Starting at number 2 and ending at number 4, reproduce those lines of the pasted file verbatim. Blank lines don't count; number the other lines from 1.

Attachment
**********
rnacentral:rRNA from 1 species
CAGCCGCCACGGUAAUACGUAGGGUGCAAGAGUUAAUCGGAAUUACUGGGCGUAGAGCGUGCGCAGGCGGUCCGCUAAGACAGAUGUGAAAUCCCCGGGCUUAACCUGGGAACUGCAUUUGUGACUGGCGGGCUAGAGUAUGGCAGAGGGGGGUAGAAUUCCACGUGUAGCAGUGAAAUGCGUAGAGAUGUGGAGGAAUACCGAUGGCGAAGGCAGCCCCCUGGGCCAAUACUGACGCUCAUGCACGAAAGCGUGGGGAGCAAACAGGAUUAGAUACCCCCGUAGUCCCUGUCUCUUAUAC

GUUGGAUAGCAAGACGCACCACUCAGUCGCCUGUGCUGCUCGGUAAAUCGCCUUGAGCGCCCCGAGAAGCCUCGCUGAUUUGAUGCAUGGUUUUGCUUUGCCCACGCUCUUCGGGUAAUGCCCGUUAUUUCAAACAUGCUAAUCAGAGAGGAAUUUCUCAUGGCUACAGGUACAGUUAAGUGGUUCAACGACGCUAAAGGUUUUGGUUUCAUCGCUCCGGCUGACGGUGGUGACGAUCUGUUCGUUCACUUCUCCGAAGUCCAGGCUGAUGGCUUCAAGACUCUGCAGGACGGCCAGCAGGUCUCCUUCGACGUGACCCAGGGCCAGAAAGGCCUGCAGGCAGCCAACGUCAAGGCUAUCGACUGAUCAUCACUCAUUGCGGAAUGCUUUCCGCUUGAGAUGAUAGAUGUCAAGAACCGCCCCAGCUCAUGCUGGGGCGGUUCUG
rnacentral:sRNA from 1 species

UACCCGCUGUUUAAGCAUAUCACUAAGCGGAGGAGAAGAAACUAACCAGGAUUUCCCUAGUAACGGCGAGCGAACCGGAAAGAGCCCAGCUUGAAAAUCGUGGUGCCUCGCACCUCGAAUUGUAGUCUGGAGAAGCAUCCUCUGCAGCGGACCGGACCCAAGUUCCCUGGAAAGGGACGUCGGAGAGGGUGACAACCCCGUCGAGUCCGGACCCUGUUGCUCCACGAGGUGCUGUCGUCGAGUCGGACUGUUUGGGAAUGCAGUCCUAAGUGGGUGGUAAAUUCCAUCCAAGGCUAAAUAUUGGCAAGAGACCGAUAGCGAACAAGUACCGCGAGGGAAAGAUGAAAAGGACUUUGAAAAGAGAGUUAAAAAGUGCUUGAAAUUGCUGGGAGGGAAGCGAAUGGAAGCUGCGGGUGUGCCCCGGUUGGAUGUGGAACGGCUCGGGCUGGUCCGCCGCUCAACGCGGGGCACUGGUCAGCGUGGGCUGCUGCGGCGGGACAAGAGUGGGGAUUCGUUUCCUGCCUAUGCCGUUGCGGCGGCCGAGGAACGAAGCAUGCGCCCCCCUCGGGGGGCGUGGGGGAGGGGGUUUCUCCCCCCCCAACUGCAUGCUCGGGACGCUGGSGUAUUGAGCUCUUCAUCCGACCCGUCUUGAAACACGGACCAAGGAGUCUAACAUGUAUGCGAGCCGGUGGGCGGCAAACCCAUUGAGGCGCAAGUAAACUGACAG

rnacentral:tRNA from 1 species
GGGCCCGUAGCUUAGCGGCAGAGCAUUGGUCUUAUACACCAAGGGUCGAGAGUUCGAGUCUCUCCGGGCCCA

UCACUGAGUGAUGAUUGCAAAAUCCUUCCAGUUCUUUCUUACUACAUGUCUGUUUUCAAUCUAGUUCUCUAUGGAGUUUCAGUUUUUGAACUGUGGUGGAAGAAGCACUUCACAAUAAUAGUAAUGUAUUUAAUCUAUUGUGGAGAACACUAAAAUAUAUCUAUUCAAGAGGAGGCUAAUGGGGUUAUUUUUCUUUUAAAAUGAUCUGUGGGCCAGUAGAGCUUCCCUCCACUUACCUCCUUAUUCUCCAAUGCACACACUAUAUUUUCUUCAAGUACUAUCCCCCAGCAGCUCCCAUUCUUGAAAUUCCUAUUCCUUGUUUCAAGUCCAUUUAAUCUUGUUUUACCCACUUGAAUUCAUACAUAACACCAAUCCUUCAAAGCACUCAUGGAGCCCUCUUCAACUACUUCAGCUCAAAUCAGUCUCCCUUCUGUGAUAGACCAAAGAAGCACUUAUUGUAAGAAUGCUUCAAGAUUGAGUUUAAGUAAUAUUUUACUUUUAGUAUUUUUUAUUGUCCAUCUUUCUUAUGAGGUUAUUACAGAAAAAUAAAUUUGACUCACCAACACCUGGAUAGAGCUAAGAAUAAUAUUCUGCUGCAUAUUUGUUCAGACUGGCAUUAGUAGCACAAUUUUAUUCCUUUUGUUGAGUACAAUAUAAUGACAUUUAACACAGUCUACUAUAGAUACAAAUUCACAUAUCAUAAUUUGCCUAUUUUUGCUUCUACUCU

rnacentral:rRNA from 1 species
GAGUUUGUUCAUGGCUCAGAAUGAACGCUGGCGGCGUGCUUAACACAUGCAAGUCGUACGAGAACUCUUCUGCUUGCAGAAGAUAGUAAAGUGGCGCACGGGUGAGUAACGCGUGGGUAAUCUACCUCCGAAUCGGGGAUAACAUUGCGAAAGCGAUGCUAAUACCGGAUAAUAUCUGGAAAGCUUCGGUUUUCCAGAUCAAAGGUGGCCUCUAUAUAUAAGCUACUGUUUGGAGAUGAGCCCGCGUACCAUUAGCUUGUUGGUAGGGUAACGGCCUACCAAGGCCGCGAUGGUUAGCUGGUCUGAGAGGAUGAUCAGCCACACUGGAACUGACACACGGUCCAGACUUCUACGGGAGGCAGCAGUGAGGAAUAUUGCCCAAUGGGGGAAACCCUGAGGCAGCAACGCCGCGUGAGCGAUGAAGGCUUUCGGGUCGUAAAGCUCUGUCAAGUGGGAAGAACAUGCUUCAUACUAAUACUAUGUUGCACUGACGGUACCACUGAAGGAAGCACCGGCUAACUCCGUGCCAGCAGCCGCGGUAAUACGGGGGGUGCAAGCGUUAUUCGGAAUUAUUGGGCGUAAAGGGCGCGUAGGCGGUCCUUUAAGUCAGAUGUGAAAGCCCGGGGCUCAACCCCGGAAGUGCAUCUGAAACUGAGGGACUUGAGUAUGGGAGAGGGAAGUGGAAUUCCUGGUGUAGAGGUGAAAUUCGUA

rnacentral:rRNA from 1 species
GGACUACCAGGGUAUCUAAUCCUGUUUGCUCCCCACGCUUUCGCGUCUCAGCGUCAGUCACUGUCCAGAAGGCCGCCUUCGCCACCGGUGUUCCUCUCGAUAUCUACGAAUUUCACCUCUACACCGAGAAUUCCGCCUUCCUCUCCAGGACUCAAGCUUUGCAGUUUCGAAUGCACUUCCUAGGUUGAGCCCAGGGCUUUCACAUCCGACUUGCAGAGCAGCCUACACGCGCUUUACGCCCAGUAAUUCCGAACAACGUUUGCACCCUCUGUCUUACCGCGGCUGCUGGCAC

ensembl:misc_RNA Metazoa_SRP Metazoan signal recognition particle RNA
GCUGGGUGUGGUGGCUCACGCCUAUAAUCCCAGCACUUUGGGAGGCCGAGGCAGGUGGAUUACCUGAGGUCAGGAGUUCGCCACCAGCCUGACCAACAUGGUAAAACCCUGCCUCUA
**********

CAGCCGCCACGGUAAUACGUAGGGUGCAAGAGUUAAUCGGAAUUACUGGGCGUAGAGCGUGCGCAGGCGGUCCGCUAAGACAGAUGUGAAAUCCCCGGGCUUAACCUGGGAACUGCAUUUGUGACUGGCGGGCUAGAGUAUGGCAGAGGGGGGUAGAAUUCCACGUGUAGCAGUGAAAUGCGUAGAGAUGUGGAGGAAUACCGAUGGCGAAGGCAGCCCCCUGGGCCAAUACUGACGCUCAUGCACGAAAGCGUGGGGAGCAAACAGGAUUAGAUACCCCCGUAGUCCCUGUCUCUUAUAC

GUUGGAUAGCAAGACGCACCACUCAGUCGCCUGUGCUGCUCGGUAAAUCGCCUUGAGCGCCCCGAGAAGCCUCGCUGAUUUGAUGCAUGGUUUUGCUUUGCCCACGCUCUUCGGGUAAUGCCCGUUAUUUCAAACAUGCUAAUCAGAGAGGAAUUUCUCAUGGCUACAGGUACAGUUAAGUGGUUCAACGACGCUAAAGGUUUUGGUUUCAUCGCUCCGGCUGACGGUGGUGACGAUCUGUUCGUUCACUUCUCCGAAGUCCAGGCUGAUGGCUUCAAGACUCUGCAGGACGGCCAGCAGGUCUCCUUCGACGUGACCCAGGGCCAGAAAGGCCUGCAGGCAGCCAACGUCAAGGCUAUCGACUGAUCAUCACUCAUUGCGGAAUGCUUUCCGCUUGAGAUGAUAGAUGUCAAGAACCGCCCCAGCUCAUGCUGGGGCGGUUCUG
rnacentral:sRNA from 1 species